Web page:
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Review: Casey Neill and the Norway Rats, Goodbye to the Rank and File

Casey Neill and the Norway Rats
Goodbye to the Rank and File
[In Music We Trust (2010)]

Casey Neill and the Norway Rats might not travel too far from its Portland, OR home often, but Neill’s music certainly deserves to. The pedigree of his backing band is impressive: Jenny Conlee (of the Decemberists) and Chet Lyster (from the Eels and Lucinda Williams’s touring band) are regular members, and Scott McCaughey (a touring musician for R.E.M.) and Lisa Molinaro (from Talkdemonic) make guest appearances on the album. The quality of his writing is just as impressive.

Casey Neill’s voice has an undeniable Michael Stipe (of R.E.M.) quality, with a world-weary drawl similar to Jay Farrar. The arrangements here are lush, drenched in spring reverb, with the guitars and vocals out front, and display a high level of sonic and thematic integrity. The term “alt-country” fits most of the disc to a tee, with the roots of alt rock and classic country in evidence. The band lists Richard Thompson as a strong influence on the album, as well as Hüsker Dü (they cover “She Floated Away”) and The Clash (“The Nightowl and the Skylark” is partly about Joe Strummer’s life), and even if it’s not immediately obvious, deeper listening reveals a similar love of drama and the slow burn, particularly on the chorus in the opener “All Summer Glory” and the closer, “Stonewall.”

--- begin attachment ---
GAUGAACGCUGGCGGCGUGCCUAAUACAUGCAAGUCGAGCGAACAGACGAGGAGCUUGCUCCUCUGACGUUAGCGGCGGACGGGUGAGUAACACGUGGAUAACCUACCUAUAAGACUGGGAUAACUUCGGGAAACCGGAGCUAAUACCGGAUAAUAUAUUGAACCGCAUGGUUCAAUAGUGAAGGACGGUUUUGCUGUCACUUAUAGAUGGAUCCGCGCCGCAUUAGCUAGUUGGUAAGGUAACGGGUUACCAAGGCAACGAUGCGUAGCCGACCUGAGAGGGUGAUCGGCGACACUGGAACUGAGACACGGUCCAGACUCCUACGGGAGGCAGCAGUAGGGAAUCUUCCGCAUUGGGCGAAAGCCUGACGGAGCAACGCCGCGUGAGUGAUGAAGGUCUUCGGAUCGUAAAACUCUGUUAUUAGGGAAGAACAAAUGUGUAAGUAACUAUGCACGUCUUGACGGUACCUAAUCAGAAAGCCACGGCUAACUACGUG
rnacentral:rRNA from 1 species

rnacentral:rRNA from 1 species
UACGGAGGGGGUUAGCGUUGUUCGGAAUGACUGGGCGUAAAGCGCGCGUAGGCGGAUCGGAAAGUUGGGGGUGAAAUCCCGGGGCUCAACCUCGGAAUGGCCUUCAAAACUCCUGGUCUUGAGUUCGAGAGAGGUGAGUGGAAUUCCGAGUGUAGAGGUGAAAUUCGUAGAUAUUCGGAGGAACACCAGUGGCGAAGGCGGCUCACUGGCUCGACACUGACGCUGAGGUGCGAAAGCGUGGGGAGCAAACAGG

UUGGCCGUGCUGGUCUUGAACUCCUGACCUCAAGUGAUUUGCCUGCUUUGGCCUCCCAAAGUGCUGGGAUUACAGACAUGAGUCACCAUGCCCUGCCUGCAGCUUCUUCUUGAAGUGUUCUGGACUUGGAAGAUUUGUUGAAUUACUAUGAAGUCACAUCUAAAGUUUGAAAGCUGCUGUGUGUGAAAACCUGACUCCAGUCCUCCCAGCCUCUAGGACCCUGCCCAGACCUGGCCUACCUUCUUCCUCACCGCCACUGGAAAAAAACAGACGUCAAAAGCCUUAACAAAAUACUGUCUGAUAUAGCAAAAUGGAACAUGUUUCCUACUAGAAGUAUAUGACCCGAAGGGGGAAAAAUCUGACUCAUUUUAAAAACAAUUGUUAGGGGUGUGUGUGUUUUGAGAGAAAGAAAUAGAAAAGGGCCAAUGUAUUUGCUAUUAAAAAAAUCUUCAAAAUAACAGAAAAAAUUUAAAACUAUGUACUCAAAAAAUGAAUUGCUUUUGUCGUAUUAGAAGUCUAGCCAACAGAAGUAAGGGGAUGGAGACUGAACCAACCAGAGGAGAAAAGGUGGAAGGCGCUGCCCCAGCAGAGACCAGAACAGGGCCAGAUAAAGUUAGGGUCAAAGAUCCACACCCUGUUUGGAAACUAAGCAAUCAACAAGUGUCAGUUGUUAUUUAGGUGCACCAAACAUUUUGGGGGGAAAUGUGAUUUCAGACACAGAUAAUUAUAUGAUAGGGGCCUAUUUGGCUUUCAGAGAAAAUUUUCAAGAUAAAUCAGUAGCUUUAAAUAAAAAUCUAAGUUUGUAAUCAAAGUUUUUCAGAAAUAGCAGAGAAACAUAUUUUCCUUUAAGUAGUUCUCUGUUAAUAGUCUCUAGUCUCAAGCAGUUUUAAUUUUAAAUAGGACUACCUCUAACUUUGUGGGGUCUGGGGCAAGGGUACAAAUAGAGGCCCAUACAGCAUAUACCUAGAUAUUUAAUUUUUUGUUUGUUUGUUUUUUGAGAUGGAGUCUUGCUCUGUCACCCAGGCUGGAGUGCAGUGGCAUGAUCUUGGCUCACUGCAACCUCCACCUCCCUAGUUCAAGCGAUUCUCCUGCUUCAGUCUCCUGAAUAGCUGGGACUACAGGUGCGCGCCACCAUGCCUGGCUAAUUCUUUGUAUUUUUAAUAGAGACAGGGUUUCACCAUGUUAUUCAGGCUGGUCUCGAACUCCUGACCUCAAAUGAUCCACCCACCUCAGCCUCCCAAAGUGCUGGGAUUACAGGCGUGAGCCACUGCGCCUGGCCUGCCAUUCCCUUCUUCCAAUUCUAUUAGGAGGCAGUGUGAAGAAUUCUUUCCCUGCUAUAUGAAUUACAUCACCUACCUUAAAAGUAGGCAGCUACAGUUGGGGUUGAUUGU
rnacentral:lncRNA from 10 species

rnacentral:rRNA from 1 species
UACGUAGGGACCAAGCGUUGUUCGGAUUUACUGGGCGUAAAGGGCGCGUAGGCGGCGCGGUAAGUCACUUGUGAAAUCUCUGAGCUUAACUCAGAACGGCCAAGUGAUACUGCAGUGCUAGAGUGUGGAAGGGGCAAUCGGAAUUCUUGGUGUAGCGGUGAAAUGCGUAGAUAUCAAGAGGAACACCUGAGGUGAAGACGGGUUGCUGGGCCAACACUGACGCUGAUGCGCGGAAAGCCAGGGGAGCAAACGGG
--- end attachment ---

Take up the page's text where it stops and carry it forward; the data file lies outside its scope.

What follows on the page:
“All Summer Glory” is a particularly remarkable track in that it’s pretty much a microcosm of everything you’ll feel listening to the record. It starts with fast minor chord strumming, with verses comprising pure 20-something defiance that shows off the band’s post-punk influences:

Running on the green steaming lawns
Chasing the last rays of sun all down the shoreline
Through the dog days and hot July nights
crickets the drumbeat fireflies the light fireflies the light
It’s our own kind of hallelujah, a river and a case of beer
The kind of piss that goes right through ya
we’ll take off outta here, we’ll take off outta here

Right before a tempo change with a soaring melody that sort of rips your heart out with it sudden beauty:

Tell me your name, tell me your story
Tell me of all your summer glory

Throughout, the band does a good job of showing off its influences without letting them take over. It’s simply another layer of emotional power in this collection of strong melodies and outstanding lyrics. [www.caseyneill.org]

—Jon Patton (Baltimore, MD)

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